Milllenial Matters: Why I Decided to Eat All Local Foods for a Month (And What I’ve Learned)
- Sep. 26, 2012
- 1 Comment
This is the sixth in a series of guest columns published every Wednesday highlighting young activists in the local community and the issues they are passionate about. To submit a guest column to be part of this series, contact PoliticalFiber.com editor Brianne Pfannenstiel at email@example.com.
On Sept 6th, I started a 30-day local food project. I only consume foods grown or raised within a 100-mile radius of Lawrence. I started this project because I wanted a challenge. We’ve all heard about the benefits of eating local, but I wanted to see how eating local would affect my body and wallet. And as someone who really enjoys fast food and sugary soda, I knew it was going to be an interesting process. One friend even half-joked I may die from malnutrition if I only eat local because I know so little about what makes a healthy diet.
But so far I’ve lost around 5 pounds, I know that I only have few more months to eat grass-fed beef, and I get visibly excited whenever I find sprout varieties. I get up about an hour earlier to prepare food, have started exercising to go along with the healthier lifestyle, and try to go to all three Lawrence farmers’ markets every week.
It didn’t take me long to realize that this project isn’t really about food; it’s about people. My family, friends, and all of the farmers, growers and food distributors I’ve met have helped me stick with this project, believe in myself and learn more about the food I consume.
My friends and family have been very supportive of this project. My mom sends me simple recipes and gives me cooking tips. I’ll call her up anytime and ask what I can substitute for this or that or so she can talk me down from a fast food binge. My brothers and sisters-in-law send me food articles or feedback on a video or post. My dad told me Alma, Kan. has the best cheese (it’s really good!). My boss surprises me with local snacks at work. She was more excited than anyone when I started this project. She’s even bringing me locally caught fish.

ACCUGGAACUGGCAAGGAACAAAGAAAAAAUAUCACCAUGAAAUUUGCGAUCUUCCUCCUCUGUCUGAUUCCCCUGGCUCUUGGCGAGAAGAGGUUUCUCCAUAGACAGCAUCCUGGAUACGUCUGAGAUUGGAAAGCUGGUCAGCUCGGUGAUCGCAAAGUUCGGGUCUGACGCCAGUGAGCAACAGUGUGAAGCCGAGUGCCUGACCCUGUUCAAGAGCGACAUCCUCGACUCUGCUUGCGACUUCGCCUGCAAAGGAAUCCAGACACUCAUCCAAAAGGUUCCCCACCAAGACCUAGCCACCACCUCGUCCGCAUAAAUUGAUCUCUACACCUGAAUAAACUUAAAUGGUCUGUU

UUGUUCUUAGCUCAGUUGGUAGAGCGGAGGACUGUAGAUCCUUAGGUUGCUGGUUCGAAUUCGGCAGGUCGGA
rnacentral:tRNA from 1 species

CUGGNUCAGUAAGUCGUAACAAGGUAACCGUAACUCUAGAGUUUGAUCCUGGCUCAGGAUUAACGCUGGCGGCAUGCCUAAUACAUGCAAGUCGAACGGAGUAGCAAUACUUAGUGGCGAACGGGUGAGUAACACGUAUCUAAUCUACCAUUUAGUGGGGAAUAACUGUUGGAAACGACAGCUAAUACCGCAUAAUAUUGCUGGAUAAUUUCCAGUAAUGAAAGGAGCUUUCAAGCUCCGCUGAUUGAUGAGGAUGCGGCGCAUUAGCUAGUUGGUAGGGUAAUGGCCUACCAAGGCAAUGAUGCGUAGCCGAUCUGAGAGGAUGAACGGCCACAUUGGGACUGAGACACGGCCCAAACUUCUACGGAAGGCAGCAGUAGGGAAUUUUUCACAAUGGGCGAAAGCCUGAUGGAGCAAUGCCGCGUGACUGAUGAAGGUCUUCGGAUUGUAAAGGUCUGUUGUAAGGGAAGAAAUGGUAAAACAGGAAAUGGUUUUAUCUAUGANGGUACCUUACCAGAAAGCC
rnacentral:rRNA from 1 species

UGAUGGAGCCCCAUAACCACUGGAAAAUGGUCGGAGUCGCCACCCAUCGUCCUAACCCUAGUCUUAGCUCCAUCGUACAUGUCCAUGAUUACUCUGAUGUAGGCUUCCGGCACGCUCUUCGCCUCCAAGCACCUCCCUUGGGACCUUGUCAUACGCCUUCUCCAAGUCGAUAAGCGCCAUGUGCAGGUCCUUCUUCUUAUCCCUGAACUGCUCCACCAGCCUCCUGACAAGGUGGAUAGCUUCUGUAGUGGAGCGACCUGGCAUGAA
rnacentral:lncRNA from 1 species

I plan on getting food from a friend’s backyard garden and setting up weekly local potlucks. I’m building better relationships with people, because I’m building better relationships with the food I eat.
I’ve also met a lot of farmers. I first met Tim and Laurel Iwig, who own Iwig Dairy in Tecumseh, Kan., during a cow milking demonstration in Lawrence’s
South Park. A few days later I traveled to Tecumseh for a farm tour. Laurel led the tour and gave me full access to the farm. Laurel answered all my questions and we talked for around an hour about Iwig’s history and practices. Knowing the people I am buying the milk from and actually seeing the cows makes this project worthwhile.
Everyone at the farmers’ markets and grocery stores I’ve been to have also been very accommodating. The other day I stopped by The Community Mercantile (The Merc), and talked to Brian Phillips, the Operations Manager. He was very excited to talk to me about the relationship The Merc has with local growers and how they support each other. Brian used to work in fast food and is very passionate about local food and building the local community.
This project is about half over and I feel wonderful about it. Local food is more expensive, but I think even after my project is over I will still support local farmers as much as I can. I eat local because of the people who produce or grow the food, because I care about what I put in my body and because I want to support and be a part of the Lawrence food community.
Tyler Waugh is a 25-year-old journalist and University of Kansas graduate living in Lawrence, Kan. To read more about The Locavore Project, visit his blog.